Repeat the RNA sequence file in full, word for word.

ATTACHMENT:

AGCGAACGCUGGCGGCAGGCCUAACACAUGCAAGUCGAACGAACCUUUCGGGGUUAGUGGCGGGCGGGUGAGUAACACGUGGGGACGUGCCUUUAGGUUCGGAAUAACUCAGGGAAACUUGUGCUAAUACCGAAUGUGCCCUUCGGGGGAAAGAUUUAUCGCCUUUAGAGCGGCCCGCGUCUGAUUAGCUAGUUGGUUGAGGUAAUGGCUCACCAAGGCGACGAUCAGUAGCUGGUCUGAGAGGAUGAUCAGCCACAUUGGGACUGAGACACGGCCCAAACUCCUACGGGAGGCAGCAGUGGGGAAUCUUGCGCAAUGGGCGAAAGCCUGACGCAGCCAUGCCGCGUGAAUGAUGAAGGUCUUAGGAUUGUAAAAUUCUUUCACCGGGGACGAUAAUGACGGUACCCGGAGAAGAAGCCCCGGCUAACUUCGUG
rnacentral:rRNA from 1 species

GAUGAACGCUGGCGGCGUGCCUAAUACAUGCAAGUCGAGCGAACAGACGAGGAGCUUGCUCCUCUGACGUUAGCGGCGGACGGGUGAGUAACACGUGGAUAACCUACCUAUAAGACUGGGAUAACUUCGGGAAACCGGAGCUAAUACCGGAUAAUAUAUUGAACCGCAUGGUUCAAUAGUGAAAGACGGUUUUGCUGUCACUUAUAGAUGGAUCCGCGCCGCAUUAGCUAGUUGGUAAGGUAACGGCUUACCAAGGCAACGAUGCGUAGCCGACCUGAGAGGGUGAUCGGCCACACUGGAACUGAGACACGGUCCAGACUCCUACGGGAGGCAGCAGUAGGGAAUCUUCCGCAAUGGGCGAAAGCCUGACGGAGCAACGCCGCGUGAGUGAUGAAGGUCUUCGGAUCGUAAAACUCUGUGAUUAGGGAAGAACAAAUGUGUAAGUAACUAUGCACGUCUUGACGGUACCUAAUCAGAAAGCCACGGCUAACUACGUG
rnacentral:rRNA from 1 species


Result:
AGCGAACGCUGGCGGCAGGCCUAACACAUGCAAGUCGAACGAACCUUUCGGGGUUAGUGGCGGGCGGGUGAGUAACACGUGGGGACGUGCCUUUAGGUUCGGAAUAACUCAGGGAAACUUGUGCUAAUACCGAAUGUGCCCUUCGGGGGAAAGAUUUAUCGCCUUUAGAGCGGCCCGCGUCUGAUUAGCUAGUUGGUUGAGGUAAUGGCUCACCAAGGCGACGAUCAGUAGCUGGUCUGAGAGGAUGAUCAGCCACAUUGGGACUGAGACACGGCCCAAACUCCUACGGGAGGCAGCAGUGGGGAAUCUUGCGCAAUGGGCGAAAGCCUGACGCAGCCAUGCCGCGUGAAUGAUGAAGGUCUUAGGAUUGUAAAAUUCUUUCACCGGGGACGAUAAUGACGGUACCCGGAGAAGAAGCCCCGGCUAACUUCGUG
rnacentral:rRNA from 1 species

GAUGAACGCUGGCGGCGUGCCUAAUACAUGCAAGUCGAGCGAACAGACGAGGAGCUUGCUCCUCUGACGUUAGCGGCGGACGGGUGAGUAACACGUGGAUAACCUACCUAUAAGACUGGGAUAACUUCGGGAAACCGGAGCUAAUACCGGAUAAUAUAUUGAACCGCAUGGUUCAAUAGUGAAAGACGGUUUUGCUGUCACUUAUAGAUGGAUCCGCGCCGCAUUAGCUAGUUGGUAAGGUAACGGCUUACCAAGGCAACGAUGCGUAGCCGACCUGAGAGGGUGAUCGGCCACACUGGAACUGAGACACGGUCCAGACUCCUACGGGAGGCAGCAGUAGGGAAUCUUCCGCAAUGGGCGAAAGCCUGACGGAGCAACGCCGCGUGAGUGAUGAAGGUCUUCGGAUCGUAAAACUCUGUGAUUAGGGAAGAACAAAUGUGUAAGUAACUAUGCACGUCUUGACGGUACCUAAUCAGAAAGCCACGGCUAACUACGUG
rnacentral:rRNA from 1 species